BENJAMIN HUGER, CSA <

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GENERAL BENJAMIN HUGER, CSA
VITAL STATISTICS
BORN: 1805 in Charleston, SC.
DIED: 1877 in Charleston, SC.
CAMPAIGNS: Norfolk, Roanoke Island, Seven Pines,
White Oak Swamp and Malvern Hill.
HIGHEST RANK ACHIEVED: Major General.
BIOGRAPHY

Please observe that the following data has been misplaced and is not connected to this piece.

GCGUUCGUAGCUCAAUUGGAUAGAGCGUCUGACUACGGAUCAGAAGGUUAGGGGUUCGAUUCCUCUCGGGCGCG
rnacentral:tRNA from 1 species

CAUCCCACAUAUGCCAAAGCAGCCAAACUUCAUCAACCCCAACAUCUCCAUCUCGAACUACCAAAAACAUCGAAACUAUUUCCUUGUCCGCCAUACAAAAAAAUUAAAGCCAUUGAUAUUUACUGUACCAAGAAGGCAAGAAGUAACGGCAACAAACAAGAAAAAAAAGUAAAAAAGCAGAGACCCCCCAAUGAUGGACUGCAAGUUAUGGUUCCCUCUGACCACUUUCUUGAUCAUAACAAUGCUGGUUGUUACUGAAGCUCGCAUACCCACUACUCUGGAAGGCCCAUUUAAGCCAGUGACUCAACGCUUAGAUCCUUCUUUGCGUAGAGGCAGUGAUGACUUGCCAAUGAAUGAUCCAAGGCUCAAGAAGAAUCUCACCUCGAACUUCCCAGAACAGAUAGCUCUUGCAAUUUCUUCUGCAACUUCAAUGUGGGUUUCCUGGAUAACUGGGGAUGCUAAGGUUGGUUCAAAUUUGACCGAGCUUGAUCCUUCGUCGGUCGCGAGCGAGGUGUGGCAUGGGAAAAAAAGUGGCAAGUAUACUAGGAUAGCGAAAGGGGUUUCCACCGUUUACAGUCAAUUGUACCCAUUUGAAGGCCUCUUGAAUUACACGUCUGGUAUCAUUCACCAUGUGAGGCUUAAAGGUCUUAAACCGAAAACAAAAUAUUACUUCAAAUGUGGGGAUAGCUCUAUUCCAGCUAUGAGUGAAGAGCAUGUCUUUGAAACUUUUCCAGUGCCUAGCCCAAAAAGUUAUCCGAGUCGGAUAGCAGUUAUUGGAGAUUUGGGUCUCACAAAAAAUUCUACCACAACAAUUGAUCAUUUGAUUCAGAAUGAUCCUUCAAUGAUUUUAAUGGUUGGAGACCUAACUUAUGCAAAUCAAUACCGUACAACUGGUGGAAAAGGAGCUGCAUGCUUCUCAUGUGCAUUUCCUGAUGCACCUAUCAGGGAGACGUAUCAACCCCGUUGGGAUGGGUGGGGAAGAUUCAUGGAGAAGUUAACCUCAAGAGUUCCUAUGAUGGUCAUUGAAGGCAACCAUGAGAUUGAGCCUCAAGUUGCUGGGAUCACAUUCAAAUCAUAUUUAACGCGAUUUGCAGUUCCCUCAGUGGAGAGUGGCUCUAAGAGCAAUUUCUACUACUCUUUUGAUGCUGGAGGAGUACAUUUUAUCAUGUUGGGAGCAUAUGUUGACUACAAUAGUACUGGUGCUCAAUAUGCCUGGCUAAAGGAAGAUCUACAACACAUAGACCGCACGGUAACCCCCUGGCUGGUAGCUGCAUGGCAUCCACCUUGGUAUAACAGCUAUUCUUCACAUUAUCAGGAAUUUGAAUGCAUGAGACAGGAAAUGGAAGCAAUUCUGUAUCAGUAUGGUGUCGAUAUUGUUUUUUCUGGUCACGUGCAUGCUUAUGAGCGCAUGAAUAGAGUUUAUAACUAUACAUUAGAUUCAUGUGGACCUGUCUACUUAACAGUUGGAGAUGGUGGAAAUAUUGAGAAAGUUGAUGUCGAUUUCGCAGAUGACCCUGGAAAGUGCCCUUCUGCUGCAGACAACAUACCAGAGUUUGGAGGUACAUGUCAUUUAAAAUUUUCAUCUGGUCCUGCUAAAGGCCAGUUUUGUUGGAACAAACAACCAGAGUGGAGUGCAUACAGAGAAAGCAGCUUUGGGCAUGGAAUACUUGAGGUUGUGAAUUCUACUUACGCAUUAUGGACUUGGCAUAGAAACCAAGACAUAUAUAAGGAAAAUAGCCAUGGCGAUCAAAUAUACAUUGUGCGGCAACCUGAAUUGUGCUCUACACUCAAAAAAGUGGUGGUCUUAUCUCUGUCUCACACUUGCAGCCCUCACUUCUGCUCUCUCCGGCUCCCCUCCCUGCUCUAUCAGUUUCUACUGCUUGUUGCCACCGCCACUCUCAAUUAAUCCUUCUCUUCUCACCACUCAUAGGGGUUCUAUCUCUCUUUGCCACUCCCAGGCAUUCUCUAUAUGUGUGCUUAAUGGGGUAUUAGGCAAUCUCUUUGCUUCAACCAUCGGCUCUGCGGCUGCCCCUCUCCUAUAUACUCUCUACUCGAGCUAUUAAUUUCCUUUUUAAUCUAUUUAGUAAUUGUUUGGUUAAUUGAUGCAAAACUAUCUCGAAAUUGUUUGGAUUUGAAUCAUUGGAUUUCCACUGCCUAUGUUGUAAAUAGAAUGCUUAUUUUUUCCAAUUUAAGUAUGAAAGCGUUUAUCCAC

Benjamin Huger was born in Charleston, South Carolina, on November 22, 1805. His family had a long-standing military reputation, and young Huger himself graduated from West Point in 1825. He was assigned to the artillery, but spent three years working on topographical duty, then became an ordinance officer. For about twelve years, he commanded the armory at Fort Monroe, in Virginia. Huger was also part of the War Department ordnance board, and spent a year studying methods of Continental warfare in Europe. In the Mexican War, Huger became chief of ordnance to Winfield Scott. He received several brevets for his service in three campaigns. Upon his return to the US in 1848, Huger served on a board to develop new artillery tactics, and then was superintendent of armories in Virginia, Maryland and other states of the South. In 1861, he joined the Confederate army, and was made a brigadier general on June 17, 1861. Less than four months later, he was promoted to major general. Huger was placed in command of the Department of Norfolk, and soon declared that his district was held too weakly to be effective against Union forces. In May of 1862, when Union troops were approaching, Huger ordered the destruction of the city's works and naval yard, had the CSS "Virginia" dismantled and evacuated the area. While in command of Roanoke Island, North Carolina, he failed to reinforce the troops, and they had to surrender to the Union expeditionary force. Although the Confederate Congress investigated Huger's part in this defeat, Confederate President Jefferson Davis gave him divisional command under Gen. Joseph E. Johnston. Huger led the division at Seven Pines and in several battles in the Seven Days' Campaign. He was relieved of duty on July 12, 1862, because of his lackluster leadership in battles such as White Oak Swamp and Malvern Hill. Placed on artillery and ordnance-inspection duty, he served in the Western theater and in the Trans-Mississippi Department. By the end of the war, he was in poor health. He retired from the military and worked as a farmer, first in North Carolina, then in Virginia. He returned to his hometown of Charleston, South Carolina, at the end of his life, and died there, on December 7, 1877.